KUALA LUMPUR, MALAYSIA – The Asian Football Confederation (AFC), in conjunction with the Joint United Nations Programme on HIV/AIDS (UNAIDS) and the Asian Development Bank (ADB), has officially launched the Protect the Goal campaign in Southeast Asia.
Protect the Goal, which was first launched at the 2010 FIFA World Cup in South Africa, is a football-based HIV prevention programme that serves to help tackle the risk of HIV transmission among young people.
The project in Southeast Asia will comprise of behavioural change communications with youths through mainstream and social media, using the popularity of football as a tool to deliver messages to promote health in the region, while leveraging on the support of AFC’s sponsors and member associations, as well as building partnerships with community-based or youth-led organisations for wider engagement.
Globally, an estimated 5.4 million adolescents and young people are living with HIV, and 1.8 million are eligible for HIV treatment. Millions of young people living with HIV do not know they are living with the virus, and every day, approximately 2,100 adolescents and young people become newly-infected, which accounts for 36% of all new HIV infections globally.
At the launch of the campaign, held at the AFC headquarters in Kuala Lumpur today, AFC Deputy General Secretary Dato’ Windsor John expressed the support of the confederation in promoting the Protect the Goal campaign through some of its Southeast Asian member associations in the region, namely Cambodia, Malaysia, Myanmar, the Philippines, and Thailand.
“We are proud to be a partner of UNAIDS and ADB in this most noble campaign. The objectives of the campaign are to use the popularity and power of football as the world’s most popular sport to unite the world towards the goal of an AIDS-free generation,” Dato’ Windsor said.
Speaking at the press conference, United Nations Resident Coordinator for Malaysia and United Nations Development Programme Resident Representative for Malaysia, Singapore and Brunei Darussalam, Michelle Gyles-McDonnough shared that 12 countries account for more than 90% of new HIV infections in the region: Cambodia, the People's Republic of China, India, Indonesia, Malaysia, Myanmar, Nepal, Pakistan, Papua New Guinea, the Philippines, Thailand, and Viet Nam.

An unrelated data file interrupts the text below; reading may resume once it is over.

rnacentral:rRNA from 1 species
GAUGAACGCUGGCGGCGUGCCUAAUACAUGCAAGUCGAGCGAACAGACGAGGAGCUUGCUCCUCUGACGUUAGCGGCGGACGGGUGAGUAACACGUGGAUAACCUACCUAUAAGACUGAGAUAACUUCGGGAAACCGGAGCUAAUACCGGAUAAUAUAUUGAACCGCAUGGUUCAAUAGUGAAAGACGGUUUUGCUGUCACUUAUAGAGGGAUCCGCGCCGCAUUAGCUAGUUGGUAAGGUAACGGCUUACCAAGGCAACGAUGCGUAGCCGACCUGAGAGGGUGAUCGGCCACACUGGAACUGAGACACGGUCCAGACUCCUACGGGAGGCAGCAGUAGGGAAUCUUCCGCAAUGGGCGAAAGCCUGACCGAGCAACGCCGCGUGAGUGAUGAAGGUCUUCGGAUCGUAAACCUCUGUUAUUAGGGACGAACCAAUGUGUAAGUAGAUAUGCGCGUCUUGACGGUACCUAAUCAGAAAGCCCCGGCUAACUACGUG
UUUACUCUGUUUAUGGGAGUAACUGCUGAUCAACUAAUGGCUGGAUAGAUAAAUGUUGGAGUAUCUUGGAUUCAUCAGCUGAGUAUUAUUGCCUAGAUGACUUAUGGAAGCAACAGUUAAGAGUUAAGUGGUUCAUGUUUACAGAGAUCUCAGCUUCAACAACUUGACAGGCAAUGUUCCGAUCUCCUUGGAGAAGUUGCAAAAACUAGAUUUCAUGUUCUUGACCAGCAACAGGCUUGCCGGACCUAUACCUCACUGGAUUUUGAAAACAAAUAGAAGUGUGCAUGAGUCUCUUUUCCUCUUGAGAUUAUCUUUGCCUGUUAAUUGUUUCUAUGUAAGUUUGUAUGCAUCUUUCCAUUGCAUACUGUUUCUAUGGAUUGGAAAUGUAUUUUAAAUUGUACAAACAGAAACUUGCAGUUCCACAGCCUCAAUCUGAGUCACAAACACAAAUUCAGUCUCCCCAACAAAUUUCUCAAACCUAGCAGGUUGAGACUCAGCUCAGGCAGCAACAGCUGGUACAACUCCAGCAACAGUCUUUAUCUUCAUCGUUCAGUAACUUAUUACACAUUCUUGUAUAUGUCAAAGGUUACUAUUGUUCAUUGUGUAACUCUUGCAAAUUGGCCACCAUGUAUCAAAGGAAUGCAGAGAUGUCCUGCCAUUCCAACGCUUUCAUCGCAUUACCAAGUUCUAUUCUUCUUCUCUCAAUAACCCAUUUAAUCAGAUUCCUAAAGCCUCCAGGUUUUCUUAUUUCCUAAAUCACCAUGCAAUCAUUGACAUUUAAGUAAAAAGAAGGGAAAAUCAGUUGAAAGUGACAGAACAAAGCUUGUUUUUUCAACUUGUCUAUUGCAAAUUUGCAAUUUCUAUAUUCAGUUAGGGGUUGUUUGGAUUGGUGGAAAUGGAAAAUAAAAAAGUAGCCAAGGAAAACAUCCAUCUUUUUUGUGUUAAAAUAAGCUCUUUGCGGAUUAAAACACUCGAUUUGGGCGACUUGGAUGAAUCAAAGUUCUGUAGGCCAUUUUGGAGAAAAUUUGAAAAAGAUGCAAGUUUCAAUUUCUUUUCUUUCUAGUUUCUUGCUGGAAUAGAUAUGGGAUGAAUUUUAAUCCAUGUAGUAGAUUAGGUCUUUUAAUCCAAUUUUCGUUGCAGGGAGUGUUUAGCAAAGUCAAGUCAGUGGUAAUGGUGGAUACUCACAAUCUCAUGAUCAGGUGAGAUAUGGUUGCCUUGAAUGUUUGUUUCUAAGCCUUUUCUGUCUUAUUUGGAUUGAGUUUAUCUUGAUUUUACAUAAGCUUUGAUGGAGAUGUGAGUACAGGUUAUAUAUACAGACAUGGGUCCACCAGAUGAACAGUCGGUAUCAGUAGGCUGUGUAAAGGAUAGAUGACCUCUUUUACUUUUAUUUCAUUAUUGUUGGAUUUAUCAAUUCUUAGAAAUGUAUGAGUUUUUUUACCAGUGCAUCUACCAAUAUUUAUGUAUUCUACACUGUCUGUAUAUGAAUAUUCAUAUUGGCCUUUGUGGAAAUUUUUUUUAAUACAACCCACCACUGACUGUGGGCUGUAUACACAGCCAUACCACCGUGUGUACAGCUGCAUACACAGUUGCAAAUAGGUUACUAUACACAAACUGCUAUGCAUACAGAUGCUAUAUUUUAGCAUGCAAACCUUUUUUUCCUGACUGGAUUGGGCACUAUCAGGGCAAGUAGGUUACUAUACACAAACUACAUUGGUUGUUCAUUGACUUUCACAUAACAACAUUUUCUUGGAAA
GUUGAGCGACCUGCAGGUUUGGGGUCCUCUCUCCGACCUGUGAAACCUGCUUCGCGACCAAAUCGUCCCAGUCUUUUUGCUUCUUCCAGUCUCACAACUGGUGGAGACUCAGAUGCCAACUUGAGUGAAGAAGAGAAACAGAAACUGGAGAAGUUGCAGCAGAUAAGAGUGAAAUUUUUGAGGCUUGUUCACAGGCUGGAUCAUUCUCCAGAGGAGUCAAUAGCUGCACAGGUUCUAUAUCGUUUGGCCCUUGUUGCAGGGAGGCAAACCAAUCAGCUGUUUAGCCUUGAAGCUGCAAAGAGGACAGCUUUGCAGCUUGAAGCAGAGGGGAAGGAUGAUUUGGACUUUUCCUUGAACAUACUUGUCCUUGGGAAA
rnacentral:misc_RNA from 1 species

“Through Protect the Goal, we aim to engage with a wider range of young people and hope they will commit themselves to HIV prevention, and are willing to come forward for HIV testing as well as counselling,” said Ms. Gyles-McDonnough.
As football is a sport followed from a very young age, the campaign’s target audience are young people aged 10 to 14. Therefore, the key to the demographic is to ensure that education on the dangers of HIV/AIDS starts young.
“We have to work together with governments, civil societies, affected populations, the private sector as well as youth communities to maximize our resources, connections and influence to continue educating everyone, especially the next generation, on the risks and preventive measures of HIV/AIDS. Working together towards zero infection is the only way we can fight the epidemic in Asia and the Pacific," said ADB Senior Social Development Specialist, Dr. Susann Roth.
In March 2014, Myanmar became the first Southeast Asian country to launch the Protect the Goal campaign, with the partnership of Myanmar Football Federation (MFF). The activities planned in Myanmar are focused on raising HIV awareness among young people leading up to the 2014 FIFA World Cup in June in Brazil, where there will be an event profiling the global UNAIDS-led Protect the Goal.
The Asian Football Confederation (AFC) is the governing body of Asian football and one of the six Confederations making up FIFA. The AFC is responsible for the administration of football in Asia. Among its various responsibilities are: regulating the game, drafting new laws to improve the sport, implementing the law, boosting grassroots and youth football, and conducting major competitions.
The Joint United Nations Programme on HIV/AIDS (UNAIDS) leads and inspires the world to achieve its shared vision of Zero New HIV Infections, Zero Discrimination and Zero AIDS-Related Deaths. UNAIDS unites the efforts of 11 UN organizations - UNHCR, UNICEF, WFP, UNDP, UNFPA, UNODC, UN Women, ILO, UNESCO, WHO and the World Bank - and works closely with global and national partners to maximize results for the AIDS response.